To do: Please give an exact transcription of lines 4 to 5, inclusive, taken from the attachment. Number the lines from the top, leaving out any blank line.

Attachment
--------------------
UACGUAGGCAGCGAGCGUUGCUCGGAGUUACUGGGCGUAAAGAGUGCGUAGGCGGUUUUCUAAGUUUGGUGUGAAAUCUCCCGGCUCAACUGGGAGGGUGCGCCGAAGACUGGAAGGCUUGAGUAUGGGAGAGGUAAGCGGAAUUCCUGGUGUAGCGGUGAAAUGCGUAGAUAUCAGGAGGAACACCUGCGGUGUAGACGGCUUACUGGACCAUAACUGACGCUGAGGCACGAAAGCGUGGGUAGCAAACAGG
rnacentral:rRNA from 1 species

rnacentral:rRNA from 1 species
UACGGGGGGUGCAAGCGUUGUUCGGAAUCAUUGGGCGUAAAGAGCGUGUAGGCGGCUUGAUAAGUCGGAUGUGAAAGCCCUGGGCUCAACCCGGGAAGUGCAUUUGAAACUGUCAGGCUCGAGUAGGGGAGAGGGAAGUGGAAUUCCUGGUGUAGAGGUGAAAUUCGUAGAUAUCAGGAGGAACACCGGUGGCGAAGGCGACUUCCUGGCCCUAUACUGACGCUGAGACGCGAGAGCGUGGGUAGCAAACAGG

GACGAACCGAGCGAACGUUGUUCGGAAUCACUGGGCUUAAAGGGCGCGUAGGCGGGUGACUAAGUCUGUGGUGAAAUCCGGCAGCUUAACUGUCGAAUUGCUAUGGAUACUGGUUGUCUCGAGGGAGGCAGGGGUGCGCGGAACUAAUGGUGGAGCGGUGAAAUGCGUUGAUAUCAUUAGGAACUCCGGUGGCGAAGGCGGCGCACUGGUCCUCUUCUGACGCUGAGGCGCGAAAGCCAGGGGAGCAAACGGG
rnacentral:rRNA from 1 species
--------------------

UACGGGGGGUGCAAGCGUUGUUCGGAAUCAUUGGGCGUAAAGAGCGUGUAGGCGGCUUGAUAAGUCGGAUGUGAAAGCCCUGGGCUCAACCCGGGAAGUGCAUUUGAAACUGUCAGGCUCGAGUAGGGGAGAGGGAAGUGGAAUUCCUGGUGUAGAGGUGAAAUUCGUAGAUAUCAGGAGGAACACCGGUGGCGAAGGCGACUUCCUGGCCCUAUACUGACGCUGAGACGCGAGAGCGUGGGUAGCAAACAGG

GACGAACCGAGCGAACGUUGUUCGGAAUCACUGGGCUUAAAGGGCGCGUAGGCGGGUGACUAAGUCUGUGGUGAAAUCCGGCAGCUUAACUGUCGAAUUGCUAUGGAUACUGGUUGUCUCGAGGGAGGCAGGGGUGCGCGGAACUAAUGGUGGAGCGGUGAAAUGCGUUGAUAUCAUUAGGAACUCCGGUGGCGAAGGCGGCGCACUGGUCCUCUUCUGACGCUGAGGCGCGAAAGCCAGGGGAGCAAACGGG